Teresita Fernández Depicts Caribbean Colonialism and Eco-Trauma

[Many thanks to Veerle Poupeye for bringing this item to our attention via Critical.Caribbean.Art.] Here is an in-depth review of Teresita Fernández’s exhibition, Maelstrom. Louis Bury (Hyperallergic) writes that “Fernández employs motifs of darkness and obscurity to hint at the something beyond what we see.” “Teresita Fernández: Maelstrom” is on view at Lehmann Maupin (located at 501 West 24th Street, Manhattan) through January 23, 2021.

A large sculptural palm tree hangs from the ceiling by a noose. The tree hovers about a foot off the ground, its base wrapped in a burlap sack and tied with rope, and emanates discomfiting stillness. Though palm trees typically symbolize tropical ease, there’s nothing breezy about this tree’s soiled wooden trunk or rusty copper fronds, nothing relaxed about the way its rigid length dangles. The three charcoal-covered aluminum panels on the walls enhance the grim mood; each panel is covered with a jungle-esque density of rough-hewn materials such that only slivers of its reflective surface remain visible.

The palm tree, “Rising (Lynched Land)” (2020), and the surrounding panel series, Black Beach (Unpolished Diamond) (2020), fill one of three rooms in Teresita Fernández’s latest exhibition, Maelstrom, at Lehmann Maupin. Each room conveys an ambient sense of Caribbean eco-trauma with the renowned artist’s stylized understatement. Yet the lynched tree stands out for its blunt symbolism. Fernández typically operates on an allusive register, incorporating iconography into her work, but relying on the allure of visual suggestion to let things cohere. Her portentous palm tree, by contrast, delivers its disturbing, anti-colonialist message with uncharacteristic directness.

That give-and-take between boldness and subtlety animates Maelstrom. The exhibition’s other centerpiece, “Caribbean Cosmos” (2020), is a dramatic 8 by 16-foot glazed ceramic mosaic that depicts tan vortices breaking through inky darkness. It evokes both celestial galaxies and aerial views of earthbound storms. Though aestheticized supra-human vantages can sometimes appear grandiose, “Caribbean Cosmos” succeeds by virtue of its engrossing details. Its lustrous, mottled tesserae are a cornucopian delight of color — from sea green to blood red to coral pink — so varied you might wonder how the tiles manage to coalesce into a harmonious gestalt when viewed from afar.

The lower level gallery also turns on differences between remote and intimate viewing. An arrangement of smudgy blue horizontal lines, reminiscent of Light and Space art, are drawn on all four walls. The vertical spacing between the lines creates the impression of a horizon-like band of blue at eye level, upon which are mounted 20 small, dark collages on wood panels. From a distance, only subdued flecks of color can be perceived within the collages; up close, they reveal cartographic regions of bright color obscured by layers of shadowy horizontal stripes.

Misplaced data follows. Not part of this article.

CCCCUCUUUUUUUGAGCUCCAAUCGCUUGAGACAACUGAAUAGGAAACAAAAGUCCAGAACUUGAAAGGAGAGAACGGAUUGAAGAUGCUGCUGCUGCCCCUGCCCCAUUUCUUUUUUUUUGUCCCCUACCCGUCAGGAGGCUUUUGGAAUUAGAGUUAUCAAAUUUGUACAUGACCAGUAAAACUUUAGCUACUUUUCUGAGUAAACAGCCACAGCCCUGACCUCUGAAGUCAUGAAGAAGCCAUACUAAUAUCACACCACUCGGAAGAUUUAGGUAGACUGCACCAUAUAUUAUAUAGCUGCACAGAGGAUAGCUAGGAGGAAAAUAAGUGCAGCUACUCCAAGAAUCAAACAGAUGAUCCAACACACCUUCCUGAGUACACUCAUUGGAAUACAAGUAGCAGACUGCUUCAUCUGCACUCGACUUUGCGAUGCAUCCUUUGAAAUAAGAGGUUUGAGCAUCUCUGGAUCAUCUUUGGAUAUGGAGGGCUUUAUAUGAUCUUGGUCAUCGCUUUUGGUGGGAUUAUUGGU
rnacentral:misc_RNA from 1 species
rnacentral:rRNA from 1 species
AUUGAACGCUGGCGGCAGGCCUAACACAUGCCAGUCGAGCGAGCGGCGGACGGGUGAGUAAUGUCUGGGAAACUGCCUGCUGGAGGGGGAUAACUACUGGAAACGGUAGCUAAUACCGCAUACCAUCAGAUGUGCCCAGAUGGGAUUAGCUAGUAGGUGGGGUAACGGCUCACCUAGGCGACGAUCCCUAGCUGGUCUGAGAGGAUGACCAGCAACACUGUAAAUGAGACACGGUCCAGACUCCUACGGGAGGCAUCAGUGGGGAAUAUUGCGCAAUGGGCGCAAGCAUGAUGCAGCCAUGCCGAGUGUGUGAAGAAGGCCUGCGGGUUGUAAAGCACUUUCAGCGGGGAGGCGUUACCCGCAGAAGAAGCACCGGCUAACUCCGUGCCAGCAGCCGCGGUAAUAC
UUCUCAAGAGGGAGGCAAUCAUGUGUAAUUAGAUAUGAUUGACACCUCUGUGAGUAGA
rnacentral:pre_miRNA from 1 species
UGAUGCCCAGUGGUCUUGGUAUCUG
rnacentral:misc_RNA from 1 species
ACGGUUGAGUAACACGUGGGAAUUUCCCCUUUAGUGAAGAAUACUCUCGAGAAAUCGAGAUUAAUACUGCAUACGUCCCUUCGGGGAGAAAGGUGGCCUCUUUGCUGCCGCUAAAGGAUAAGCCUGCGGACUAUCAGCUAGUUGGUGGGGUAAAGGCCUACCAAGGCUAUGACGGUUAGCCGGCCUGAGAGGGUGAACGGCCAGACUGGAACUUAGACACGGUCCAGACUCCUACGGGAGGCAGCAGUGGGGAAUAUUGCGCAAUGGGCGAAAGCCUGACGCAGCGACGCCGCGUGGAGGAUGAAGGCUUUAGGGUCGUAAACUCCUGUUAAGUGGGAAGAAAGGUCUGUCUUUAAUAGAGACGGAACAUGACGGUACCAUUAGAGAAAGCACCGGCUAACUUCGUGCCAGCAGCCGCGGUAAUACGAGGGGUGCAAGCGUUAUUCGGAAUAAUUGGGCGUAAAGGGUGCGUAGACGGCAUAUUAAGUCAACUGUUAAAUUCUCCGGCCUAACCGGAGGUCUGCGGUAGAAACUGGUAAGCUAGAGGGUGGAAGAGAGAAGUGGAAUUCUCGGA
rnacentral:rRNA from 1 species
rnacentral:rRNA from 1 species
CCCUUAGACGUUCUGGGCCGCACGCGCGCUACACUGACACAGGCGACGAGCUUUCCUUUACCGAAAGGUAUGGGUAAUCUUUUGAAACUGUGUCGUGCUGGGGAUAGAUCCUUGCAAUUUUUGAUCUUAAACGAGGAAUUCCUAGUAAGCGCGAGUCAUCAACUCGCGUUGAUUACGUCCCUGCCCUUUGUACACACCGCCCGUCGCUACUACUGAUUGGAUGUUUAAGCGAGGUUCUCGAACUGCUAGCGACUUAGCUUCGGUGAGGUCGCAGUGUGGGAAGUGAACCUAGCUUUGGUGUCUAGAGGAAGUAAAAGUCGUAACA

Each collage is titled “Hurakán,” followed in parentheses by the name of a historic, female-named hurricane such as “Hanna,” “Katrina,” or “Iris.” The titles are a dual reference: to the US’s mid-century practice of using only female names for storms; and to the country’s even more insidious mid-century practice of eugenics on Puerto Rican women, who were often uninformed about the contraceptive procedures, including sterilization, performed upon them.

From its parenthetical titles to its motifs of darkness and obscurity, Maelstrom again and again hints at the existence of something beyond what we see. Even the visual essay that accompanies the exhibition on the gallery website — which functions as an annotated bibliography of the artist’s sources of information and inspiration, as well as an acknowledgement of the show’s behind-the-scenes team labor — contributes to the dialectic between withholding and disclosure. In this context, it’s worth noting that Fernández doesn’t usually provide a self-authored explanatory apparatus for her work.

But it’s the contrast between the lynched palm tree’s stark figuration and the surrounding panels’ mysterious abstraction that says all that needs to be said. The panels’ titles allude to the well-known “Black Beach” chapter in Éduoard Glissant’s Poetics of Relation, and their shrouded surfaces recall that same book’s concept of opacity. For Glissant, opacity is a “right” that people, especially the colonized, have to not be understood, a right to preserve that part of themselves which remains incommunicable, irreducible, unknowable — not just to others but also to oneself. With disquieting elegance, Maelstrom asserts that same right for a geographic region that too often has been denied it.

For original review, see https://hyperallergic.com/605906/teresita-fernandez-depicts-caribbean-colonialism-and-eco-trauma/

[Shown above: Teresita Fernández, Maelstrom, installation photograph (photo by Elisabeth Bernstein, all images courtesy of the artist and Lehmann Maupin, New York, Hong Kong, Seoul, and London).]

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